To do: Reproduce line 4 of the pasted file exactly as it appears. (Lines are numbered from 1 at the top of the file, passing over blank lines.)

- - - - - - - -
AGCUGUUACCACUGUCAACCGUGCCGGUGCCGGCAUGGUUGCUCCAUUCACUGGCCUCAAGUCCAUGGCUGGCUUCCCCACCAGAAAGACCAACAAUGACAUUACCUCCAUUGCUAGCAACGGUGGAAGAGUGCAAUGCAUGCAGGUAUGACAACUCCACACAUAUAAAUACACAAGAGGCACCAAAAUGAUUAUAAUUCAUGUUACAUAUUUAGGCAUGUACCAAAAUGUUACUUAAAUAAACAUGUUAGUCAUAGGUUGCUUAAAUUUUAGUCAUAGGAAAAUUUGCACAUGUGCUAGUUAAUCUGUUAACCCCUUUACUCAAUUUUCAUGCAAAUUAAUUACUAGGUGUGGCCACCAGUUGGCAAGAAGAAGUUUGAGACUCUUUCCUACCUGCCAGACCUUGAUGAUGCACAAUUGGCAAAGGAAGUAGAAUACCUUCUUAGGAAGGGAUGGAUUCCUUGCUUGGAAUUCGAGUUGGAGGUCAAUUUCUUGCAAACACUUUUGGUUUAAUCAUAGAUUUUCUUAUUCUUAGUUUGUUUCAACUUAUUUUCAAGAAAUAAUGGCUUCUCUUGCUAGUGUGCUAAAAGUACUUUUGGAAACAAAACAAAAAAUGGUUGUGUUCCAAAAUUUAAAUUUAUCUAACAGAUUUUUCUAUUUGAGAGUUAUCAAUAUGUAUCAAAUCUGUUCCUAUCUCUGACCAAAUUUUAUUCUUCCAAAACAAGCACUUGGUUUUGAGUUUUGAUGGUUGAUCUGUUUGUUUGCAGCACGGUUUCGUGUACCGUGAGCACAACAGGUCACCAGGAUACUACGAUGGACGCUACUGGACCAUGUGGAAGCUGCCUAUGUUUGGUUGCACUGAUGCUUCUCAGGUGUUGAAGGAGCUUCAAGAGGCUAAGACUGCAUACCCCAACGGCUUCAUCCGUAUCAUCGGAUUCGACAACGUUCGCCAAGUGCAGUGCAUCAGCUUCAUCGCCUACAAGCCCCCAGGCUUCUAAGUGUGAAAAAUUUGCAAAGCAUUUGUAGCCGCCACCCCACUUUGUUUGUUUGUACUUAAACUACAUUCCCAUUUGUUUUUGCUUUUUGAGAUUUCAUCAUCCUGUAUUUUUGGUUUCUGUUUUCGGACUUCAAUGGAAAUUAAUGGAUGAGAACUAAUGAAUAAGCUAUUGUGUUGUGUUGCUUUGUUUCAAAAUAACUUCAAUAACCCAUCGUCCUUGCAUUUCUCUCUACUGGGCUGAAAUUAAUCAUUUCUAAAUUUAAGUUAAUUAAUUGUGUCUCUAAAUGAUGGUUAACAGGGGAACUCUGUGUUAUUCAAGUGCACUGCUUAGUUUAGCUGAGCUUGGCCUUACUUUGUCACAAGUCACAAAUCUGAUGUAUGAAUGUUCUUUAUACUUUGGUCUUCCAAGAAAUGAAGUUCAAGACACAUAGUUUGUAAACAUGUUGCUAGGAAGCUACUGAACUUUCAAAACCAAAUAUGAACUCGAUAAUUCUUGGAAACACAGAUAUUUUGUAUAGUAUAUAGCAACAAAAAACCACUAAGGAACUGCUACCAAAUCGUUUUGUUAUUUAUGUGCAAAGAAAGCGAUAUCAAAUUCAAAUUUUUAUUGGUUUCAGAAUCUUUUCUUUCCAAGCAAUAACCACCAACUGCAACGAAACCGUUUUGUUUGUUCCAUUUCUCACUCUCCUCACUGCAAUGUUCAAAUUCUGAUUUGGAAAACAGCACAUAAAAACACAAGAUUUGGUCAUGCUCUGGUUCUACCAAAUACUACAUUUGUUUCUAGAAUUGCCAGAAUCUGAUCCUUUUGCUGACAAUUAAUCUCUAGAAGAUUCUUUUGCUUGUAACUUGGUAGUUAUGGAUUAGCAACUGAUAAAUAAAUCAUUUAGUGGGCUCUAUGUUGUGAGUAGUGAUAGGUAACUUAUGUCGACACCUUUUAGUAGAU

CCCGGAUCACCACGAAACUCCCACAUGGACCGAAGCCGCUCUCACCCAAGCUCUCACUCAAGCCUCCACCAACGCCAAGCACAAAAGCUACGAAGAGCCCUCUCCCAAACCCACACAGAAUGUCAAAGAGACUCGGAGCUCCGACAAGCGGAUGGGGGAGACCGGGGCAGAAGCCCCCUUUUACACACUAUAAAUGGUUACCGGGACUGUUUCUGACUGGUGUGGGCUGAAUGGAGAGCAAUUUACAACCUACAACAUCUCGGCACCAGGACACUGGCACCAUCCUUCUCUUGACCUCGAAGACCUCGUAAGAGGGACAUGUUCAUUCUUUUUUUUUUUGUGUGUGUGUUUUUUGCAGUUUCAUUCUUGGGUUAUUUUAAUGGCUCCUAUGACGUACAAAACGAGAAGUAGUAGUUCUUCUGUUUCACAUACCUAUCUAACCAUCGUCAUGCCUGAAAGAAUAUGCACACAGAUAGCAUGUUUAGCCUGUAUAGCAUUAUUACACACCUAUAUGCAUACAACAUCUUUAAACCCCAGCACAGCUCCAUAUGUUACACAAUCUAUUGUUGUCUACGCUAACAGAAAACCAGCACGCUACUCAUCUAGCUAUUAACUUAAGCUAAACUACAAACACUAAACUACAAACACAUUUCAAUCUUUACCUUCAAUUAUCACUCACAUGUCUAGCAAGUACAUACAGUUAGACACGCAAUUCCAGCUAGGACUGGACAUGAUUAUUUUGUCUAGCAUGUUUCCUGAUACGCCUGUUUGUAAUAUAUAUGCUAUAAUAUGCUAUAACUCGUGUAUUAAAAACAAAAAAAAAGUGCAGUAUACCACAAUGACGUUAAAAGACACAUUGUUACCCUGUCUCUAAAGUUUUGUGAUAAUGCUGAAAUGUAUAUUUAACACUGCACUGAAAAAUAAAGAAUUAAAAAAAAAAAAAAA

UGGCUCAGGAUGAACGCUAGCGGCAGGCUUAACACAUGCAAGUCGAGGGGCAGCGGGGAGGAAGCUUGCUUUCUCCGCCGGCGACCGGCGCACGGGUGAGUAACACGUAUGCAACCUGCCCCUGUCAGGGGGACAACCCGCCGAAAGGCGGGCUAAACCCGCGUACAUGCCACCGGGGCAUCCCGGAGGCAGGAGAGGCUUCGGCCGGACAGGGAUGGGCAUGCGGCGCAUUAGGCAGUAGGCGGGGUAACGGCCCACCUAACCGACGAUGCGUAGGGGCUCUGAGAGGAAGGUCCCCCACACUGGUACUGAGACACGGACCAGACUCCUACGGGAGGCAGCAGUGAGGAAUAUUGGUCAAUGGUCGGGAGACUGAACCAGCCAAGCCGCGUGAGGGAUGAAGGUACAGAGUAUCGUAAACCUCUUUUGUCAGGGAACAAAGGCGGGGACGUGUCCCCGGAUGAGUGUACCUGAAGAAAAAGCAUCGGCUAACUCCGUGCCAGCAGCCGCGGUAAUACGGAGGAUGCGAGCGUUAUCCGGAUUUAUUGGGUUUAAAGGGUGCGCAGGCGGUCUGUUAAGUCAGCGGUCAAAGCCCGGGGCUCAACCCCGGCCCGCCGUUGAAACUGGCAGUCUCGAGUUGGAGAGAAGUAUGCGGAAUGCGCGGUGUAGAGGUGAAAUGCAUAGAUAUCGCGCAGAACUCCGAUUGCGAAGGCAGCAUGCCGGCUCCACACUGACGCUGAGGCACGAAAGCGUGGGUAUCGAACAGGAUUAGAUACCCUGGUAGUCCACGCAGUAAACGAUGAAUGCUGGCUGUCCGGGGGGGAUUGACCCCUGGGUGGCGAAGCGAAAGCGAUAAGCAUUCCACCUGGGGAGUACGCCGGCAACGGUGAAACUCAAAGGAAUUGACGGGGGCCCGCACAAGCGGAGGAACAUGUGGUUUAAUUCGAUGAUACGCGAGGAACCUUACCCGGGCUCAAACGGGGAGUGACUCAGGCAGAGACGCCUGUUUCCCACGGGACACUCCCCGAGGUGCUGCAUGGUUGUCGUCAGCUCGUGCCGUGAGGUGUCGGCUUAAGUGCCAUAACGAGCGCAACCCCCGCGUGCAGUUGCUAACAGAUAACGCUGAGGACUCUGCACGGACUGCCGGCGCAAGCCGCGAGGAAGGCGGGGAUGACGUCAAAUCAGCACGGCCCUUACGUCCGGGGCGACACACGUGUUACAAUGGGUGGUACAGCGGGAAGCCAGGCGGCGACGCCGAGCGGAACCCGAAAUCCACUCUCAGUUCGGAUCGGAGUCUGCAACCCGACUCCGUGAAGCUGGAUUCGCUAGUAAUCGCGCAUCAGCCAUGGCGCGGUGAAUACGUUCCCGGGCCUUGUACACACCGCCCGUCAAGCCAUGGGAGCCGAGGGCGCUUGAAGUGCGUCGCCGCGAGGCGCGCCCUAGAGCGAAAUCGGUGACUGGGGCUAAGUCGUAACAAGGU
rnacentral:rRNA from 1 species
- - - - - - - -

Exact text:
rnacentral:rRNA from 1 species